Ever since I was a kid I was intrigued by everything, especially with how things work, and how to make them work better. After all, how can you improve something which you do not understand at basic level? Choice of education was largely guided by my curiosity, initially for all things mechanical, and later for understanding complex human-machine systems. I look for answers everywhere — in books, on the shop-floor, lectures, doers, mentors, kids — and every answer further enriches my understanding.
At the First Technical School Tesla, my highschool of choice, I studied electrical engineering, robotics and informatics. For my graduation project I wrote about Unmanned Aerial Vehicles, focusing on their logistical application for defence and surveilance purposes. When it came time to enroll University, I was unsure if I would like to go to the Faculty of Electrical Engineering and Computing (FER) or Faculty of Mechanical Engineering and Naval Architecture (FSB).
In the end I’ve decided to enroll Aeronautical Engineering at FSB. During one of the semesters I had a course titled Industrial Engineering. It was taught by Prof. Goran Đukić and it blew me away. Soon after I decided to switch my complete study programme from Aeronautical Engineering to Industrial Engineering. It was a gruelling process, but I do not regret it.
The Institute of Industrial and Systems Engineers defines industrial engineering as:
During my studies in industrial engineering I was introduced to Lean and Six Sigma philosophies. Through elective courses and extracurricular activities, I focused on operations research, quantitative decision models, and integrated management systems based on quality. My passion for Lean was not overlooked, and I was invited to join Global Creatives Network Zagreb, part of Toyota Motor Corporation’s Global Creatives Network, a worldwide network of creators, companies, universities and Toyota inspired creative centers.
I won a scholarship by Kongsberg Defence & Aerospace and Đuro Đaković Holding, which included studying one semester at the Norwegian University of Science and Technology as an exchange student. There I undertook a specialisation project titled Implementing Lean Six Sigma: The effective integration of two improvement methodologies, supervised by Daryl Powell. Within a 4 month time frame I’ve read and analysed 15 books and 96 journal articles, selected from the list of 200 journal articles whose summaries I’ve read and analysed, and written a 150 page long project report. Outcome was Lean Six Sigma deployment roadmap, custom tailored for Đuro Đaković Special Vehicles.
It didn’t take me long to realise that you cannot just read and theorise about Lean – you have to practice it to truly understand it and get better at it. There are no substitutes for that. As a full-time student I decided that best course of action is working through student associations and participating in various student competitions.
From November 2011 to March 2014 I was an active member of Global Creatives Network Zagreb. There I received training from Mr. Tetsuya Kaida on Toyota’s corporate value creation and innovation. As part of an interdisciplinary team I worked on development of a concept car solution, which we had the honour of presenting to Toyota’s leading R&D engineer.
During the 6-month internship at Kongsberg Protech Systems as a process engineer I gained hands-on experience with Lean, and applying my theoretical knowledge, improved existing operations as well as their Lean programme. Later, as a design engineer at Đuro Đaković Special Vehicles, I dealt with broad array of issues, from communication with customers to resolving quality related issues in design, as well as manufacturing/operations. Due to my educational background and enthusiasm for quality, I was also involved with quality audits, process improvement, deployment of EU directives, standards, and quality policy (quality manual, procedures, work instructions).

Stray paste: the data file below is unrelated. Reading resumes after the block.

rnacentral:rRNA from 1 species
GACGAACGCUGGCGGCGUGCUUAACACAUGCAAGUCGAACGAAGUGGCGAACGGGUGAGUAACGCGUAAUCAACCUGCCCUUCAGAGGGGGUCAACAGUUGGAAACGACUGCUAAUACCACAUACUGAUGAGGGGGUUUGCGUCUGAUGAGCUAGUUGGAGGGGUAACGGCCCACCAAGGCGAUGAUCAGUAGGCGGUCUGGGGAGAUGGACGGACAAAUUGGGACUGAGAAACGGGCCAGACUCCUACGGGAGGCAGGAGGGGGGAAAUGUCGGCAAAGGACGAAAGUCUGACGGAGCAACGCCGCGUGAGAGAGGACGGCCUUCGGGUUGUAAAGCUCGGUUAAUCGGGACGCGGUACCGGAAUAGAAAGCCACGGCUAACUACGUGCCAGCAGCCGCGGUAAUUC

Today, I’m working a lot with start-ups and entrepreneurs, applying my industrial engineering and Lean knowledge in a fast moving environment. It is quite exciting and challenging as error margins are tighter and stakes are higher, but it also makes for a lot of new learning and personal development. I’m loving it.
Besides work, I am involved with the Lean community through academic and business networks, publishing on bpesec.com, The Lean Presentation and Playing Lean blogs, as well as continuously reading articles and books on various industrial engineering topics. As a long-time passionate student of traditional Japanese martial arts, the values of renshuu and kaizen are deeply embedded in my being. They are an important part of my lifestyle, and are not something I have to think about consciously. I also understand the importance of katas and sensei.
Martial arts have always been a part of my life. Wherever I lived, I trained. Besides physical and emotional benefits, I’ve found that a lot of lessons apply to the business environment as well. I would like to pay it forward, and share what I have learned.
Traditional martial arts can bring so much to ones life. In addition to a stronger body and ability to protect yourself and your loved ones, you also develop your confidence, appreciation for culture, manners, and strengthen your spirit. A lot of lessons can be applied to business world, from self-composure to importance of thoughtful repetition to winning over much stronger challengers.
I have been a proud member of Genbukan World Ninpo Bugei Federation and Mangetsu Dojo Croatia since 2008. Now, I am starting a Genbukan Group in Oslo. If you’d like to help, consider sharing the following link www.bpesec.com/genbukan
Industrial Engineer. Lean Practitioner. Martial Artist.